The monumental 800-page document names powerful Afghan officials as responsible for the mass killings.
MAZAR-E-SHARIF, AFGHANISTAN - The atrocities of the Afghan civil war in the 1990s are still recounted in whispers here -- tales of horror born out of a scorched-earth ethnic and factional conflict in which civilians and captured combatants were frequently slaughtered en masse.
Stark evidence of such killings rests in the mass graves that still litter the Afghan countryside.
One such site is outside Mazar-e-Sharif, in the north. Experts say at least 16 victims are here, and each skull is uniformly punctured by a single bullet-entry hole at the back.
The powerful men accused of responsibility for these deaths and tens of thousands of others are named in the pages of a monumental 800-page report on human rights abuses in Afghanistan from the Soviet-era in the '80s to the fall of the Taliban in 2001, according to researchers who helped compile the study.
The list of names is a sort of who's who of power players in Afghanistan: Former and current warlords or officials, some now in very prominent positions in the national government, as well as in insurgent factions fighting it. Many of the named men are frequently mentioned when talk turns to fears of violence after the end of the NATO combat mission in 2014.
But the report seeking to hold them accountable is unlikely to be released anytime soon, the researchers say, accusing senior Afghan officials of effectively suppressing the work.
Titled simply, "Conflict Mapping in Afghanistan Since 1978," the study, prepared by the Afghan Independent Human Rights Commission, details the locations of 180 mass graves of civilians or prisoners.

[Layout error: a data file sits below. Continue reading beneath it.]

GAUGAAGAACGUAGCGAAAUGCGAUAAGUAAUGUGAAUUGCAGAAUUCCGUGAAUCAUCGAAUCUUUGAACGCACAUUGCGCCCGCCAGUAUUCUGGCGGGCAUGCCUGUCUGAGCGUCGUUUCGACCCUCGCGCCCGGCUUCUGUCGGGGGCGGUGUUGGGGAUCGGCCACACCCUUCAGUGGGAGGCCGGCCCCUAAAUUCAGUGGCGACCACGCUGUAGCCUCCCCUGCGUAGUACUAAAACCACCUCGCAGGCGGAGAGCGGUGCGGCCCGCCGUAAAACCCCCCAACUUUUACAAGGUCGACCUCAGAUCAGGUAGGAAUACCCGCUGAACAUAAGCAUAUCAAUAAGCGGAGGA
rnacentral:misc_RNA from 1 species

The study was commissioned as part of a reconciliation and justice effort ordered by President Hamid Karzai in 2005, and it was completed in December.
Three Afghan and foreign human rights activists who worked as researchers and analysts on large sections of the report spoke about its contents on condition of anonymity, both out of fear of reprisal and because the commission had not authorized them to discuss it publicly.
According to Afghan rights advocates and Western officials, word that the report was near to being officially submitted to the president apparently prompted powerful former warlords, including the first vice president, Marshal Muhammad Qasim Fahim, to demand that Karzai dismiss the commissioner responsible, Ahmad Nader Nadery.
Karzai did remove Nadery. But a spokesman for the president, Aimal Faizi, said it was "irresponsible and untrue" to say that the president fired Nadery because of the mass graves report or was trying to block its release.
The figures accused in the report of playing some role in mass killings include some of the most powerful figures in Afghanistan's government and ethnic factions.
Among them are First Vice President Fahim, a Tajik from the Jamiat Islami Party, and Second Vice President Karim Khalili, a Hazara leader from the Wahdat Party; Gen. Atta Mohammed Noor, a Tajik from the Jamiat Islami Party and now the governor of the important northern province of Balkh, of which Mazar-e-Sharif is capital; and Gen. Abdul Rashid Dostum, who holds the honorary title of chief of staff to the supreme commander of the Afghan Armed Forces.
In all, the researchers said, more than 500 Afghans are named in the report as responsible for mass killings.